Gordon Brown is right to join David Cameron in apologising over expenses. But I see little point in adding to the synthetic outrage of newspapers over the whole saga. I trust no journalist who has written or pontificated on the issue has ever fiddled their expenses (and, in consequence, the taxman) in the past, and that the proprietors of newspapers filling acres of space on the subject wouldn't dream of finding ways to avoid paying taxes in the UK.
That said, the whole thing is an utter mess for MPs and very bad for the image of parliamentary politics. Like state funding of political parties, it is an example of where fear of a day or two's bad headlines has led politicians foolishly to opt for the worst possible solutions. MPs should be better paid - £100,000 a year, fully taxed, would be about what a GP earns - and get no living expenses beyond travel costs (through a railcard for all).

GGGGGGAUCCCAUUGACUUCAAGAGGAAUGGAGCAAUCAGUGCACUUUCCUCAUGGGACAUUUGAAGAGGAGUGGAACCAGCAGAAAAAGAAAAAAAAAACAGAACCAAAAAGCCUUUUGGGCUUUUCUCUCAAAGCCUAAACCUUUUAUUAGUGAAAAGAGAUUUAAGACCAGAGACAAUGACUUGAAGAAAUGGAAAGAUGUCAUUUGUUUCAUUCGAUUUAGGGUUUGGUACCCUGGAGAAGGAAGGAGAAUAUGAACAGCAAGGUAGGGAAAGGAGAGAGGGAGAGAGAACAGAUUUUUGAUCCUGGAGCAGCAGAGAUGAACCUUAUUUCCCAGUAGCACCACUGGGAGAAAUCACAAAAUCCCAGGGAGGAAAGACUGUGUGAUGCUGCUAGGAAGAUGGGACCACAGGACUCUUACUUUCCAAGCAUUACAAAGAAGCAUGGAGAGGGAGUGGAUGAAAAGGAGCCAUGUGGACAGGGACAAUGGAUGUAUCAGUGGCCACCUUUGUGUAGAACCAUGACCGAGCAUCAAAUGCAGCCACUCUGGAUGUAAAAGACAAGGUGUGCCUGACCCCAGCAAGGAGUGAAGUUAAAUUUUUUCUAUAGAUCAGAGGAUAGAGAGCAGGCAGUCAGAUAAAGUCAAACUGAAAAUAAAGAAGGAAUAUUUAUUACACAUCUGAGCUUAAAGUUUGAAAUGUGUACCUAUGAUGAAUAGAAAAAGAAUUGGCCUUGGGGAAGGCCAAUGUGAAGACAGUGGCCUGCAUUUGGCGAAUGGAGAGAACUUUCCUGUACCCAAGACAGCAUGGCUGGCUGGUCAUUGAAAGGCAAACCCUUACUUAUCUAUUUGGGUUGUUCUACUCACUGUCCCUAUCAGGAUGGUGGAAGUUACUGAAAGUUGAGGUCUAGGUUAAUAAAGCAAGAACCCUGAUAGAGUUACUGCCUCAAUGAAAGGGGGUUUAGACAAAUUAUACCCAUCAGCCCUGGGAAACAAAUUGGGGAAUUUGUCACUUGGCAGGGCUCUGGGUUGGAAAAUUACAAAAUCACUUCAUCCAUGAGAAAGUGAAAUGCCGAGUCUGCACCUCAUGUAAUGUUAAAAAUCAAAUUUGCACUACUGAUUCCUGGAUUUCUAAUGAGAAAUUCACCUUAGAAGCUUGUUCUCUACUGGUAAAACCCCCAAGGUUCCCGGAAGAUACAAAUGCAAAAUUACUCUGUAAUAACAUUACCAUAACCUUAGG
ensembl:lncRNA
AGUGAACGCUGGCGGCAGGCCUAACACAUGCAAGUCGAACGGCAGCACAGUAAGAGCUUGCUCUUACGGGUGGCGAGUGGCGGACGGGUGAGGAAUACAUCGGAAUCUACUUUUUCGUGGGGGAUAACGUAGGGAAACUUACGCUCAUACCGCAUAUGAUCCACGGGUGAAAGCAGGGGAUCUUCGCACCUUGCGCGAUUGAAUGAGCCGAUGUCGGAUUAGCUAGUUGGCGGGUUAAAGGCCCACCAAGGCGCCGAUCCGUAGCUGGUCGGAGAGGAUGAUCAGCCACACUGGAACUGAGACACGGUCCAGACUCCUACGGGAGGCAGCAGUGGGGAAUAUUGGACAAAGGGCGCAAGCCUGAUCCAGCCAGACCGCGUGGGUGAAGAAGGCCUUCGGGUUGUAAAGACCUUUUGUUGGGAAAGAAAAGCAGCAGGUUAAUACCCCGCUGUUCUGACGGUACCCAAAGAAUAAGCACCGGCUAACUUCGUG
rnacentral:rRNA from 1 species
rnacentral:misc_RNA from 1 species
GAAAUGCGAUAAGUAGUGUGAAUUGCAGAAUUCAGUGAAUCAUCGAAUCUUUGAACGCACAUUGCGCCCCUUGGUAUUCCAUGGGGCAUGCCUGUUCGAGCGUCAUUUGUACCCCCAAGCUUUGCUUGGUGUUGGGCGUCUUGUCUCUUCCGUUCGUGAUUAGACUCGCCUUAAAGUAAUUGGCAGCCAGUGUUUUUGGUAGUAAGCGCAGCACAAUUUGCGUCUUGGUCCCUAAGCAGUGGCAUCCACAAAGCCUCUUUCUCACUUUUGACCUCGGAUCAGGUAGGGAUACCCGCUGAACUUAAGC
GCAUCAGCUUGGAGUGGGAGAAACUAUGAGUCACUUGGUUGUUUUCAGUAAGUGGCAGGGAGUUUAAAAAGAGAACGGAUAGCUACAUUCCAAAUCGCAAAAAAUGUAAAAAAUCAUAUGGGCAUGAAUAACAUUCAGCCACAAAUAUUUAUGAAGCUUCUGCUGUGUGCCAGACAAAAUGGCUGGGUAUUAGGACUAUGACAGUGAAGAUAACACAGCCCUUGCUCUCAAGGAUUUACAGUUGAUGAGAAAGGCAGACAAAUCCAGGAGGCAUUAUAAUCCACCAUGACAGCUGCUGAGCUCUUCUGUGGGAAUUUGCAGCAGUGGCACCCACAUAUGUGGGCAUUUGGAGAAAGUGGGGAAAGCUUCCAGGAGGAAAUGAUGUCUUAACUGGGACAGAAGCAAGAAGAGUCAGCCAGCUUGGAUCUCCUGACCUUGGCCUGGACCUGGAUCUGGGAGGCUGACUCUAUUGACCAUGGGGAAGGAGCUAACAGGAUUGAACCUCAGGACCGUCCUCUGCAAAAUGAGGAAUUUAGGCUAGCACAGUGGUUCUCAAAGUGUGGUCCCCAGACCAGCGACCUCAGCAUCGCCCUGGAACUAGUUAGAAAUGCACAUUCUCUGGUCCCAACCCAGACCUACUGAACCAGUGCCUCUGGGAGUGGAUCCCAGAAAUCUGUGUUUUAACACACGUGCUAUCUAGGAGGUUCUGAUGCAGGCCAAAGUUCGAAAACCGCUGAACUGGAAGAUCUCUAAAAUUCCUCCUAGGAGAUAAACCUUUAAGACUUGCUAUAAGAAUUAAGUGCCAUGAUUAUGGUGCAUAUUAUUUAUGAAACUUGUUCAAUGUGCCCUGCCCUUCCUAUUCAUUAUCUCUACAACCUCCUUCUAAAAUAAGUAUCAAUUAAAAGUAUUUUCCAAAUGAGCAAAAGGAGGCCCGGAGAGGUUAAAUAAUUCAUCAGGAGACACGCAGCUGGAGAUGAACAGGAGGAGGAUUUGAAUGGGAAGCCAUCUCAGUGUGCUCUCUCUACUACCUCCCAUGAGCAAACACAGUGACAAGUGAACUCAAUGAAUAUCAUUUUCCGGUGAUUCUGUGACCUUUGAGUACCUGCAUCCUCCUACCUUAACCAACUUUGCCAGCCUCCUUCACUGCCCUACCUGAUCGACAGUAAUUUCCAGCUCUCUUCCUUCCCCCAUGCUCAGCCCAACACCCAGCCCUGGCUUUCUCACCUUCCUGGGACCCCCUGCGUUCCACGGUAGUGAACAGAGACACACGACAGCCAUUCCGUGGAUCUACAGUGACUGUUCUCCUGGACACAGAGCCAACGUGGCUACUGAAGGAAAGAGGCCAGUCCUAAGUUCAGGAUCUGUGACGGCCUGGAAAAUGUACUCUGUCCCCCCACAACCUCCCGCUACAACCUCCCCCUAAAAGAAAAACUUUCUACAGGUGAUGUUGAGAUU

Political parties, already heavily funded by the taxpayer, should be largely funded by them with donations above £1000 banned. Those two simple measures might cause a day or two of synthetic outrage. But it would do more to clean up politics - and its public image - than any of the absurdly complicated alternatives being bandied about at the moment.